It was an hour before sunrise and absolutely still outside. Not a breath of wind, not a sound. So quiet even the dog was spooked. Then a lone killdeer started its plaintive cry. Last year most of the lakes in Montana still had ice on them in April and the snow hung around well into the month. According to the local groundhog, Montana Murray, spring is coming early this year.
Vann Slatter and Christine Carter Slatter, winemakers at Hunter Hill Vineyard and Winery, are selling the family estate and moving to Montana soon. Or at least that’s the plan. “We are selling everything, hopefully: Home, winery, vineyard and all the equipment for farming and winemaking. We are hoping for the best and a new adventure!”
In the meantime, they have their cabin in Gustine, CA where they spend winters duck hunting, and they plan to go back and forth to Soquel until they sell.
“When we first started the winery we didn’t have a business plan.” They thought, “We’re just growing grapes, making a little wine,” Christine said.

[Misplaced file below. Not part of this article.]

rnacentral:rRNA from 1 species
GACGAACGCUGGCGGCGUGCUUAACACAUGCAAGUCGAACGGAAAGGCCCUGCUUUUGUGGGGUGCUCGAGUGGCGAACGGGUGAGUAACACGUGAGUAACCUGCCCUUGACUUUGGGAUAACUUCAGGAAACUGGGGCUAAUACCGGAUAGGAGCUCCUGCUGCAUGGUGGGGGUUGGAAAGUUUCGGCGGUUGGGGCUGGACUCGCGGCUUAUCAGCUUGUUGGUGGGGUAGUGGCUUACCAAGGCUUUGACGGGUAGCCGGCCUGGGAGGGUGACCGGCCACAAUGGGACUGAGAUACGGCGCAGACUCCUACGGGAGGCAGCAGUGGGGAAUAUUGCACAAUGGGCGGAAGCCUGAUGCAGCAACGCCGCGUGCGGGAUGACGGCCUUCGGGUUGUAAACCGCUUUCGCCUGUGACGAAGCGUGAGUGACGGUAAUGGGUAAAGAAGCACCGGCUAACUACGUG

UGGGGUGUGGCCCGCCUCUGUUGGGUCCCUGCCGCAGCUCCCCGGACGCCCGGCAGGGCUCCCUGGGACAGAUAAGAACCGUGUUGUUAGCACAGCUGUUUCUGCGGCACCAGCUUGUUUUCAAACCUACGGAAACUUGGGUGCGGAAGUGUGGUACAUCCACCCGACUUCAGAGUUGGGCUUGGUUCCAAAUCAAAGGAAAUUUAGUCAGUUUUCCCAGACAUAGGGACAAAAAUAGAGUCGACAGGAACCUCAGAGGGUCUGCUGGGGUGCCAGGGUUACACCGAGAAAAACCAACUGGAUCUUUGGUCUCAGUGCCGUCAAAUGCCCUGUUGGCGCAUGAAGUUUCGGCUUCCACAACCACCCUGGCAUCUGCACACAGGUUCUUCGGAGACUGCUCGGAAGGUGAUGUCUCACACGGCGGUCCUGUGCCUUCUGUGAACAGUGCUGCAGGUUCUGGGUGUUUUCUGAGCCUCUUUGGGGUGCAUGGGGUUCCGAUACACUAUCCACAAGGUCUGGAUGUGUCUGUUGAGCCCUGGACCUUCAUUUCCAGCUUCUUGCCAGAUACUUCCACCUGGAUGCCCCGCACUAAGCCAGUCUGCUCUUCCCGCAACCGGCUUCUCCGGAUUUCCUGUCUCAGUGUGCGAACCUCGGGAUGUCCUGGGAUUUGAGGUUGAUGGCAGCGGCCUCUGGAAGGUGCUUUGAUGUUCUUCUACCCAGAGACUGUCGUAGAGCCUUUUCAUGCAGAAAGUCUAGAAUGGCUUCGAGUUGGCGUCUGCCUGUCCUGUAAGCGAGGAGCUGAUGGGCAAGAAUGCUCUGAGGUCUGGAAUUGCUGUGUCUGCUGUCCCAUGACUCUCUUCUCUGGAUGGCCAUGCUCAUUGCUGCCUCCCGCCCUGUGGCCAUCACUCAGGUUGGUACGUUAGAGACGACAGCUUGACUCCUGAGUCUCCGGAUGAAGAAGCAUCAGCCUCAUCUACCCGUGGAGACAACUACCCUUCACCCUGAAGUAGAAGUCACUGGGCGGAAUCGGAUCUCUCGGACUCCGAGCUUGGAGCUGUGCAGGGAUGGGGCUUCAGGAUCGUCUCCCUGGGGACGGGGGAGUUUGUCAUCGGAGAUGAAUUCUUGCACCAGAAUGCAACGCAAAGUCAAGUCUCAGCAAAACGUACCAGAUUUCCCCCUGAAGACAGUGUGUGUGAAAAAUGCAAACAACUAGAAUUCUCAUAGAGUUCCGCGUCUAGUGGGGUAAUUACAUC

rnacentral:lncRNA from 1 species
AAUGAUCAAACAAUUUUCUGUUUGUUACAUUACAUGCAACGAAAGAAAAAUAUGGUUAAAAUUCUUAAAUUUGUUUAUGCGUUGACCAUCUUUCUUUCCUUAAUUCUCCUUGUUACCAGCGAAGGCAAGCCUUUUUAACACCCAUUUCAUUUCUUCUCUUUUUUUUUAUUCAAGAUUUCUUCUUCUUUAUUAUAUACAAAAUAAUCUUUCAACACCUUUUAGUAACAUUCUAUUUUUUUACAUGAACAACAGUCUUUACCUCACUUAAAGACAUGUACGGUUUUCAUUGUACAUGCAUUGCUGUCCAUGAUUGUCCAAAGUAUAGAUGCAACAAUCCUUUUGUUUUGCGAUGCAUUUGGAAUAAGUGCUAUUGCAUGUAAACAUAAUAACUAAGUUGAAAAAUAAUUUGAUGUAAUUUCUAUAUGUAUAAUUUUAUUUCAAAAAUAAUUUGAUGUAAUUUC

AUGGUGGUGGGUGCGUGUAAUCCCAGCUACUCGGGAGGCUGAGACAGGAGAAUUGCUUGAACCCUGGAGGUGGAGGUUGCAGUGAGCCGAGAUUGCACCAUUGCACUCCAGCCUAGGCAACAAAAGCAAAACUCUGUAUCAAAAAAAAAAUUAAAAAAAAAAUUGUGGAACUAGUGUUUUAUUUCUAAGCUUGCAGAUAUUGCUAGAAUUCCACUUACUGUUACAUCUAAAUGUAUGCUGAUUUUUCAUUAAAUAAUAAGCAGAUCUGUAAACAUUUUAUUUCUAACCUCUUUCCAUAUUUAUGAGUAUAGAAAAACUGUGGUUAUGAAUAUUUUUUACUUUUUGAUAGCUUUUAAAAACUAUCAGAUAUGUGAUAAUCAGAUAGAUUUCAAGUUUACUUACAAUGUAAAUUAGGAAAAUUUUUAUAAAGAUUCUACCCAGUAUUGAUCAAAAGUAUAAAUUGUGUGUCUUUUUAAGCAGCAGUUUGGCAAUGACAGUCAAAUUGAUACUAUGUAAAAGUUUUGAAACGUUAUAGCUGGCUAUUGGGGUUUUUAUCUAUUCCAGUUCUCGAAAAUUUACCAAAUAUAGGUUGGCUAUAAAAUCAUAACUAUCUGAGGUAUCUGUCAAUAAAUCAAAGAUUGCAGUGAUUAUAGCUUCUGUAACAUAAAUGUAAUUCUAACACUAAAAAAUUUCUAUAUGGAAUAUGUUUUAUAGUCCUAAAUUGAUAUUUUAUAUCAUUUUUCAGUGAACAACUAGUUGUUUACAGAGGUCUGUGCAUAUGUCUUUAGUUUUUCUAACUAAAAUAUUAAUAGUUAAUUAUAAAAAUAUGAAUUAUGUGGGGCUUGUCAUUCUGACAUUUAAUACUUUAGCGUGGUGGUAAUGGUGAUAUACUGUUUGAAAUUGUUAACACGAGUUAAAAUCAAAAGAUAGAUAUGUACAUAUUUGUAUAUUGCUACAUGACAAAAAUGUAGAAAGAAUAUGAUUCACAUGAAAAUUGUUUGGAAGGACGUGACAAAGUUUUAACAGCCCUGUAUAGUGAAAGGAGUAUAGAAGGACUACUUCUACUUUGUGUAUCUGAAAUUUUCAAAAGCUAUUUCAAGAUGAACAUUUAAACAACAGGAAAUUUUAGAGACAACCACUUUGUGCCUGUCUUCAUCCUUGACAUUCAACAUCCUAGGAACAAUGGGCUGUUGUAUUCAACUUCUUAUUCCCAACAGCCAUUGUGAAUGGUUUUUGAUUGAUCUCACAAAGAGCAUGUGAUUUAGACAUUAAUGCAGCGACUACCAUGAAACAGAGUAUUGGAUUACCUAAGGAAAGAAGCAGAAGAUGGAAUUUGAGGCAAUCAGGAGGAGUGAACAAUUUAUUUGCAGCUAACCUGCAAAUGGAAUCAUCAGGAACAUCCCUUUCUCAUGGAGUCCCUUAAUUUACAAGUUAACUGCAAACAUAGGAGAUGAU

Located in the Santa Cruz mountains northeast of Soquel, Christine and Vann first started growing grapes on the family’s fruit ranch in 1990. Soon the self-taught winemakers were winning awards. “Little by little we’ve put in grapes where the apple farm was…it was supposed to be a hobby. My husband – I call him a visionary – said we were going to grow a few grapes and sell a little wine here and there…”
Now known best for their Pinot Noir and Zinfandel, Hunter Hill Winery makes rich red wines grown on lands formerly thick with redwood forest. “Clay, loam, redwood…wine is a product of the soil,” Christine told me.
Christine’s grandparents bought the acreage in 1906 for a $50 gold piece. The property was logged of its redwood trees, the stumps dynamited away, and the original house, still family occupied, was one of the first built on Glen Haven Road. Her grandfather would haul the harvest by horse and wagon to sell as far away as Boulder Creek. Married just a few years, Vann and Christine took over the property from Christine’s mother in 1968.